A Confused Bowie Biography

The graphic novel biography of David Bowie, “Bowie: Stardust, Rayguns & Moonage Daydreams” at least understands one thing: Bowie’s official biography must be comic. Anyone familiar with his life knows that the Great Chameleon was too visual for the written word and too alien for a traditional Biopic. Sadly, this isn’t it. 

Created by artist Michael Allred (Sandman), writer Steve Horton (Amala’s Blade) and colorist Laura Allred (Madman), “Bowie” feels confused; the art screamed the crazy, larger than life Bowie, while the writing carried a more authoritative, biographical voice. It’s better when its the former — with Bowie and Ziggy Stardust meeting in space and snakes slithering around the pages.

Perhaps this is just a predicament of a graphic-biography. But the contrast between the art and the writing made the Bowie of “Bowie” feel lifeless and episodic. Crazy images of Bowie in bananas or floating in space are hammered to reality through title cards and dates. Each page reads less like a chapter in his life and more as if the biographers flipped a calendar, pointed to a random day, and asked “what was David doing then?”

Some of my distaste may come from my disappointment with the years “Bowie” zeros in-on. Like countless films and written biographies, it’s concerned with Ziggy Stardust more than David Robert Jones. While it takes about 75 pages for the name “Ziggy” to surface, the art and the writing are on the same page, for once, in their focus on Bowie’s early stardom and the character who brought him there. 

Their Bowie, as compared to the real thing, rings too direct. Listen to any interview with Bowie from these years and you’ll find a much more elusive Bowie, not one that narrates his thoughts or explains his methods. The next Bowie biography, so as to avoid the same traps, should focus on his Berlin years or maybe his Blackstar album/and his death — rather than obsessing over his short-lived but obsessive characters.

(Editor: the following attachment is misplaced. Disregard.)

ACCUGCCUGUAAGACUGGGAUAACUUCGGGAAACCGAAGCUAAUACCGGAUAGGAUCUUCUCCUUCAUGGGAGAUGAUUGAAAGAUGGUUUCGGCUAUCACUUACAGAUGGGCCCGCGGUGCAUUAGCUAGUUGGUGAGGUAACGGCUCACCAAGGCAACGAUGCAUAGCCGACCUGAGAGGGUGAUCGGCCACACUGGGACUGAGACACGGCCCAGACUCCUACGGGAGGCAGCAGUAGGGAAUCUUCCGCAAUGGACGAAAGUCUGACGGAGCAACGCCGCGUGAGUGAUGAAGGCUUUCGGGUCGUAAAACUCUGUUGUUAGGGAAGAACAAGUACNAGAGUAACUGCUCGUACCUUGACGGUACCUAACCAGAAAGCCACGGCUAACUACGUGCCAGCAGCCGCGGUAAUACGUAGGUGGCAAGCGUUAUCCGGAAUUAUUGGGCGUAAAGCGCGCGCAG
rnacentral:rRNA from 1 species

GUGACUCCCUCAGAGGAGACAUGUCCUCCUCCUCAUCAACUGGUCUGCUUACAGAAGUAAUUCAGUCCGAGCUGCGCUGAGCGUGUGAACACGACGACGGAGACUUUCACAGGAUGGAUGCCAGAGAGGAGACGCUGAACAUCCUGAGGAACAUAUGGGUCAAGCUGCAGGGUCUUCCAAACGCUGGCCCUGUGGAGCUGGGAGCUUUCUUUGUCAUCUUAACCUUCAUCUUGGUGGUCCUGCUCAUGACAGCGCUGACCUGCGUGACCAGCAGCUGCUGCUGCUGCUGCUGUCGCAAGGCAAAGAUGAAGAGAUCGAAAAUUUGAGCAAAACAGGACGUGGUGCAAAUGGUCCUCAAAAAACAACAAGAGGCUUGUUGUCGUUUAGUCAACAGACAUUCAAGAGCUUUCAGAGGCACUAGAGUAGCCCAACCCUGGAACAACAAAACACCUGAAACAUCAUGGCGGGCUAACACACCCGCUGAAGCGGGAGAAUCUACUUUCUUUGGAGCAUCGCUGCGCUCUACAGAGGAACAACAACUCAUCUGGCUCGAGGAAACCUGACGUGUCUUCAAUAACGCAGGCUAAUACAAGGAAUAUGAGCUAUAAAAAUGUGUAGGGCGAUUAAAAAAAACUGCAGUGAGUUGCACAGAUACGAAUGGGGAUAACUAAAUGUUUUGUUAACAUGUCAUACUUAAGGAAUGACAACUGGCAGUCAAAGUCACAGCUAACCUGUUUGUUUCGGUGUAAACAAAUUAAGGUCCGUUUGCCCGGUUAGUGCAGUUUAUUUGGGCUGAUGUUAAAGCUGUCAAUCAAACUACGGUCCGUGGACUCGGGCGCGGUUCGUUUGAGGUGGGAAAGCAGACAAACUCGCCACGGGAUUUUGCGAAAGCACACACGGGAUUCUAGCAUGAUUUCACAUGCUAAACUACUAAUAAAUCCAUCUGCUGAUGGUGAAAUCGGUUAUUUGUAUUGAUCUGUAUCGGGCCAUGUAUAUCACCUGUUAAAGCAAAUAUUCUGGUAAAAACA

I don’t think Michael Allred or Horton can be found at fault. Allred’s art is classic Bowie and it fits these early years perfectly. It’s colorful, bright, and a little alien. Horton loves Bowie so much that he wants to fit in as much as he can — the same flaw that Jon Favreau fell victim to in Iron Man 2 (2010). He’s also doing his duty as a biographer by writing more like a journalist than an eccentric creative. Allred’s work would be better suited with a writer who takes the story to Mars, whereas Horton would be better suited with an artist more grounded and objective or historical, perhaps Chie Shimano. Personally, I think the two just don’t mesh for this project. 

Their mismatch hurts more than just my personal desires from a Bowie book. It’s dangerous. At one point, Horton uses his voice of God narration to describe a drug-overdose of another character, while Allred’s bright colors alienize the reader from reality. This has the effect of downplaying the horror of the drugs. They never redeem themselves because they avoid drugs like COVID-19, a sad mistake that makes their book read more like a failed hagiography than an actual biography.

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